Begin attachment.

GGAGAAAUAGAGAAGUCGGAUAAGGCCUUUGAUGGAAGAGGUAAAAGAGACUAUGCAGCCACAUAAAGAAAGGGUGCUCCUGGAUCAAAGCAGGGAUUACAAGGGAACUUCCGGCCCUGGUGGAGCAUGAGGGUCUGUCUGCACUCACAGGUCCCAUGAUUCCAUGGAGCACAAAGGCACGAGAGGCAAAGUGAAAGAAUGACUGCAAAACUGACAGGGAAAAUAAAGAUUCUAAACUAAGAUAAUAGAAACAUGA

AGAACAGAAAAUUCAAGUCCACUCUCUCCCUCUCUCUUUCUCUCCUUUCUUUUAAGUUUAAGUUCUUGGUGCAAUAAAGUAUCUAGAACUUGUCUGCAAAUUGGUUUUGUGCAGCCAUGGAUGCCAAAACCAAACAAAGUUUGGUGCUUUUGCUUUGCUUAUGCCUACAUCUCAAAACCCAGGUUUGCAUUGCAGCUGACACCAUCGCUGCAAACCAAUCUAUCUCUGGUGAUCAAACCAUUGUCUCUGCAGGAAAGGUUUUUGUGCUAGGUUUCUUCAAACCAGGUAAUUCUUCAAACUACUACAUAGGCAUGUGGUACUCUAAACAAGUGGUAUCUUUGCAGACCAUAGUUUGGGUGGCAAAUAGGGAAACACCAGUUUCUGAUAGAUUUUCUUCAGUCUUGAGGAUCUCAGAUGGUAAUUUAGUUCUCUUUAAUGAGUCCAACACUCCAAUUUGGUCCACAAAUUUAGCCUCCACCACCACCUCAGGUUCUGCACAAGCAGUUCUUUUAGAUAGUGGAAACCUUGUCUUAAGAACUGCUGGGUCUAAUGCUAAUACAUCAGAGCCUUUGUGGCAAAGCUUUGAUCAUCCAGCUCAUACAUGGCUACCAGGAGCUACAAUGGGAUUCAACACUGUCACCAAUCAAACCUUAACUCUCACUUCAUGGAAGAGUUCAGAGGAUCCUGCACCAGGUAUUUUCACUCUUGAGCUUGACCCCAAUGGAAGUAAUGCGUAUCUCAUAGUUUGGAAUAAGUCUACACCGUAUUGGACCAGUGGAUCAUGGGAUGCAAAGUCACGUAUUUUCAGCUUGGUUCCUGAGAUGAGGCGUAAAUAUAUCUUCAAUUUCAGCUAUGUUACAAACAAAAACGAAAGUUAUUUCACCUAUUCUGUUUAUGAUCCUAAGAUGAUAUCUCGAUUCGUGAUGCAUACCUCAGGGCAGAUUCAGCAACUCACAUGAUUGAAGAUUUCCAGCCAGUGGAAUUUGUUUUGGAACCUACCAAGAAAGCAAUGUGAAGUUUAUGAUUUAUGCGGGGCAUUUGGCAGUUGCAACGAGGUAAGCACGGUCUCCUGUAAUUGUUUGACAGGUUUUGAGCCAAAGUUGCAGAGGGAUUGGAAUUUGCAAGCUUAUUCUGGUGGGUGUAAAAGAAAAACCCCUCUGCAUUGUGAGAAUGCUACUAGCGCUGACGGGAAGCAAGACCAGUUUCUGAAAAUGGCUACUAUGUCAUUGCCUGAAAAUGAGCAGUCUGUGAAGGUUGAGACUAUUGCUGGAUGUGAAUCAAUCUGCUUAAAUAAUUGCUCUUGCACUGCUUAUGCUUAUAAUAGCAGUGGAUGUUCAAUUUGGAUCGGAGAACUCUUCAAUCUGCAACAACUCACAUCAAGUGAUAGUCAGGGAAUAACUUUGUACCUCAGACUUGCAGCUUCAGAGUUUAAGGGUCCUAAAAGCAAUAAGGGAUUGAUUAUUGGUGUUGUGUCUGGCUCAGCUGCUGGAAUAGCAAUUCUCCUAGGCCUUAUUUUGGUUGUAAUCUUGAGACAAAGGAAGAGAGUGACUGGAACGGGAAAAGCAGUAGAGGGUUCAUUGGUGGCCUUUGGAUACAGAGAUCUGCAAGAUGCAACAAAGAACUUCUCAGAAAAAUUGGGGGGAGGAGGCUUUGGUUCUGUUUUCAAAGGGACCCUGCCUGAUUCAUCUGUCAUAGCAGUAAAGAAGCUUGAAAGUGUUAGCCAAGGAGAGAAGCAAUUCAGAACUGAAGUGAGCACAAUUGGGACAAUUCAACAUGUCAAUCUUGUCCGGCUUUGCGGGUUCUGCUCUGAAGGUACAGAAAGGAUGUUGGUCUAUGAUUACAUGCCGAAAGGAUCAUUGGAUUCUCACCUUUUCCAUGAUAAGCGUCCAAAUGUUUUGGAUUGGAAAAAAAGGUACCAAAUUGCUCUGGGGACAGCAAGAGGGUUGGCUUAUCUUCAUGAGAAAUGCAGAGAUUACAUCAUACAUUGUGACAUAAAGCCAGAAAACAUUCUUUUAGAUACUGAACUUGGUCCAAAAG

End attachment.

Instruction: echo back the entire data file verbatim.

GGAGAAAUAGAGAAGUCGGAUAAGGCCUUUGAUGGAAGAGGUAAAAGAGACUAUGCAGCCACAUAAAGAAAGGGUGCUCCUGGAUCAAAGCAGGGAUUACAAGGGAACUUCCGGCCCUGGUGGAGCAUGAGGGUCUGUCUGCACUCACAGGUCCCAUGAUUCCAUGGAGCACAAAGGCACGAGAGGCAAAGUGAAAGAAUGACUGCAAAACUGACAGGGAAAAUAAAGAUUCUAAACUAAGAUAAUAGAAACAUGA

AGAACAGAAAAUUCAAGUCCACUCUCUCCCUCUCUCUUUCUCUCCUUUCUUUUAAGUUUAAGUUCUUGGUGCAAUAAAGUAUCUAGAACUUGUCUGCAAAUUGGUUUUGUGCAGCCAUGGAUGCCAAAACCAAACAAAGUUUGGUGCUUUUGCUUUGCUUAUGCCUACAUCUCAAAACCCAGGUUUGCAUUGCAGCUGACACCAUCGCUGCAAACCAAUCUAUCUCUGGUGAUCAAACCAUUGUCUCUGCAGGAAAGGUUUUUGUGCUAGGUUUCUUCAAACCAGGUAAUUCUUCAAACUACUACAUAGGCAUGUGGUACUCUAAACAAGUGGUAUCUUUGCAGACCAUAGUUUGGGUGGCAAAUAGGGAAACACCAGUUUCUGAUAGAUUUUCUUCAGUCUUGAGGAUCUCAGAUGGUAAUUUAGUUCUCUUUAAUGAGUCCAACACUCCAAUUUGGUCCACAAAUUUAGCCUCCACCACCACCUCAGGUUCUGCACAAGCAGUUCUUUUAGAUAGUGGAAACCUUGUCUUAAGAACUGCUGGGUCUAAUGCUAAUACAUCAGAGCCUUUGUGGCAAAGCUUUGAUCAUCCAGCUCAUACAUGGCUACCAGGAGCUACAAUGGGAUUCAACACUGUCACCAAUCAAACCUUAACUCUCACUUCAUGGAAGAGUUCAGAGGAUCCUGCACCAGGUAUUUUCACUCUUGAGCUUGACCCCAAUGGAAGUAAUGCGUAUCUCAUAGUUUGGAAUAAGUCUACACCGUAUUGGACCAGUGGAUCAUGGGAUGCAAAGUCACGUAUUUUCAGCUUGGUUCCUGAGAUGAGGCGUAAAUAUAUCUUCAAUUUCAGCUAUGUUACAAACAAAAACGAAAGUUAUUUCACCUAUUCUGUUUAUGAUCCUAAGAUGAUAUCUCGAUUCGUGAUGCAUACCUCAGGGCAGAUUCAGCAACUCACAUGAUUGAAGAUUUCCAGCCAGUGGAAUUUGUUUUGGAACCUACCAAGAAAGCAAUGUGAAGUUUAUGAUUUAUGCGGGGCAUUUGGCAGUUGCAACGAGGUAAGCACGGUCUCCUGUAAUUGUUUGACAGGUUUUGAGCCAAAGUUGCAGAGGGAUUGGAAUUUGCAAGCUUAUUCUGGUGGGUGUAAAAGAAAAACCCCUCUGCAUUGUGAGAAUGCUACUAGCGCUGACGGGAAGCAAGACCAGUUUCUGAAAAUGGCUACUAUGUCAUUGCCUGAAAAUGAGCAGUCUGUGAAGGUUGAGACUAUUGCUGGAUGUGAAUCAAUCUGCUUAAAUAAUUGCUCUUGCACUGCUUAUGCUUAUAAUAGCAGUGGAUGUUCAAUUUGGAUCGGAGAACUCUUCAAUCUGCAACAACUCACAUCAAGUGAUAGUCAGGGAAUAACUUUGUACCUCAGACUUGCAGCUUCAGAGUUUAAGGGUCCUAAAAGCAAUAAGGGAUUGAUUAUUGGUGUUGUGUCUGGCUCAGCUGCUGGAAUAGCAAUUCUCCUAGGCCUUAUUUUGGUUGUAAUCUUGAGACAAAGGAAGAGAGUGACUGGAACGGGAAAAGCAGUAGAGGGUUCAUUGGUGGCCUUUGGAUACAGAGAUCUGCAAGAUGCAACAAAGAACUUCUCAGAAAAAUUGGGGGGAGGAGGCUUUGGUUCUGUUUUCAAAGGGACCCUGCCUGAUUCAUCUGUCAUAGCAGUAAAGAAGCUUGAAAGUGUUAGCCAAGGAGAGAAGCAAUUCAGAACUGAAGUGAGCACAAUUGGGACAAUUCAACAUGUCAAUCUUGUCCGGCUUUGCGGGUUCUGCUCUGAAGGUACAGAAAGGAUGUUGGUCUAUGAUUACAUGCCGAAAGGAUCAUUGGAUUCUCACCUUUUCCAUGAUAAGCGUCCAAAUGUUUUGGAUUGGAAAAAAAGGUACCAAAUUGCUCUGGGGACAGCAAGAGGGUUGGCUUAUCUUCAUGAGAAAUGCAGAGAUUACAUCAUACAUUGUGACAUAAAGCCAGAAAACAUUCUUUUAGAUACUGAACUUGGUCCAAAAG